A Hero Walked Among Us

Owen Charles (OC, aka Mad Dog) Baker, Col., USMC (Ret.), 1932 – 2018. OC died on Tuesday, January 23, 2018 at Fairfax Hospital with family members by his side, a resident of Fairfax, VA at the time. OC was born in Breckenridge, MN in 1932 and attended school in So. St. Paul.

OC was a retired U.S. Marine Corps Colonel who began his career as an enlisted man. He spent three years as an aviation structural technician on the R5D (C-54) before receiving an appointment to the US Naval Academy. After graduating with distinction in 1957 as a Marine Second lieutenant, he was commissioned in the Marine Corps and began flight training. His lifelong dream of flying was realized after getting his wings of gold from Pensacola. He was able to follow that dream for the next 60 years through flying to defend his country and as a hobby with good friends before and after retirement. He flew the FJ-4B Fury, the first Navy jet designed to carry a nuclear weapon and launch from an aircraft carrier. He then flew the A-4 Skyhawk, the A-6 Intruder, and the A-7 Corsair II. Later, he transitioned into rotary wing aircraft and flew the H-46 during the Vietnam War.

Known as OC “Mad Dog” Baker, he conducted many heroic exploits, such as inserting and extracting Special Forces teams behind enemy lines. He did this in spite of heavy enemy gunfire directed at his helicopter. He also helped the Marine Corps evaluate the VX-15, a forerunner to the Osprey rotorcraft. OC served his country with distinction, most notably in Vietnam, but it was tough to get him to talk about those accomplishments. His various service medals included the Navy Unit Commendation, Distinguished Flying Cross with Gold Star, Defense Superior Service Medal, Bronze Star Medal with Combat “V” and Gold Star and 32 Air Medals.

OC married Barbara Jean Wash in 1958 and they spent the next 29 years raising their daughters in various military posts and communities. Barbara’s favorite tour of duty was the Monterey Peninsula, where OC earned a Masters Degree in aeronautical engineering from the Naval Post Graduate School.

OC finished his distinguished military career at the Pentagon as a systems procurement specialist. After retirement, he worked several defense and civilian jobs including the Bell Helicopter company.

As a CFI with Bachelors and Masters degrees in aeronautical engineering, OC was a prolific writer on a variety of aviation subjects from aerodynamics to FAA rules. He often wrote letters to the editors of Sport Aviation and Kit Plane magazines and providing educational comments on the Matronics and DC Pilots websites as well as emails regarding the same. In all cases, his inputs were well-referenced statements of fact to clarify information for the flying community.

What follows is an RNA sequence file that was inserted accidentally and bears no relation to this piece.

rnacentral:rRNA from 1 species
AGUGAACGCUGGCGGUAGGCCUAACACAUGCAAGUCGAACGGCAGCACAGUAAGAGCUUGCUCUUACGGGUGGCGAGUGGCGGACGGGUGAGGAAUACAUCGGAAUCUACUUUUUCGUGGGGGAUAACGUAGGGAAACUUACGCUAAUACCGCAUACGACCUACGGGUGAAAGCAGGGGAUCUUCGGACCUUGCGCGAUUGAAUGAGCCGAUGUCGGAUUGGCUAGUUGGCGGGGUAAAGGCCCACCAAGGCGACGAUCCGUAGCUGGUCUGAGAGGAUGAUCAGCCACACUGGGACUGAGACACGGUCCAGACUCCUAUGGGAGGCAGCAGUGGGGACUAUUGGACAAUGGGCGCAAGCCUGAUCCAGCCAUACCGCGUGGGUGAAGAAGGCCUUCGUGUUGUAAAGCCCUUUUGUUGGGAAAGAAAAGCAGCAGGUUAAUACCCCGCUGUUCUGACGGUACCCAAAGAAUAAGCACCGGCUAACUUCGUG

After complete retirement, he was active in the Experimental Aircraft Association, Chapter 186 where the friendships and expertise helped him realize his dream of building and flying his own plane. A stalwart supporter of Chapter and airport activities, OC Baker served on our Board of Directors for many years. In addition, he was the secretary of the Manassas (45 unit) hangar condominium association, helping the Chapter board stay in touch with airport and tenant issues. Most outstanding was his role regarding our corporate hangar sale. Not only did he stay on
top of all the maintenance issues (including structural, insect control, incorrect billing by the utility company, and tenant liaison), but he provided valuable paralegal support. When the real estate lawyer requested seventeen separate documents regarding the hangar, the airport, the condominium association, utility and tax information, it was OC who spent scores of hours pulling all of this information together, saving us thousands of dollars in lawyer research fees that made the sale possible.

He also volunteered for such unglamorous jobs as airport security, airport liaison, tool crib manager, and facility maintenance manager. At our fall flyins, OC typically helped with airport landscape cleanup and then worked a double shift on the flight line. OC was a part of every Chapter House or hangar cleanup project, and he coordinated the repair of Chapter owned facilities.

In 2003, OC completed a homebuilt KIS TR-1 that he flew for many years. Having this experience as a homebuilder, he was very helpful in encouraging other members of the Chapter in solving their project problems. In December 2013, for his continuous Chapter support, OC was selected as our 11th George Lutz Memorial Service winner.

OC is survived by his wife, Barbara, of 59 years, their two daughters, Claudia Schlagheck (James) and Janet Smith (Patrick); four grandchildren, Joseph (SJ) and Aaron Schlagheck and Alexandra and Coriston Smith. He was preceded in death by daughter, Ann Douglas Baker.

He will be forever remembered for his love of family, patriotism, and passion for the skies. Burial at Arlington National Cemetery with Full Military Honors will be at a later date. In lieu of flowers, the family suggests the Marine Corps Scholarship Foundation – 909 N Washington St, Suite 400, Alexandria, VA, or a charity of your choice.

OC lived his credo, “The best investment we can make is the time and effort to gather and understand knowledge.” EAA Chapter 186 was truly lucky to have him as a member and contributor, and all will dearly miss him. A brick will be placed on EAA Memorial Wall in his honor.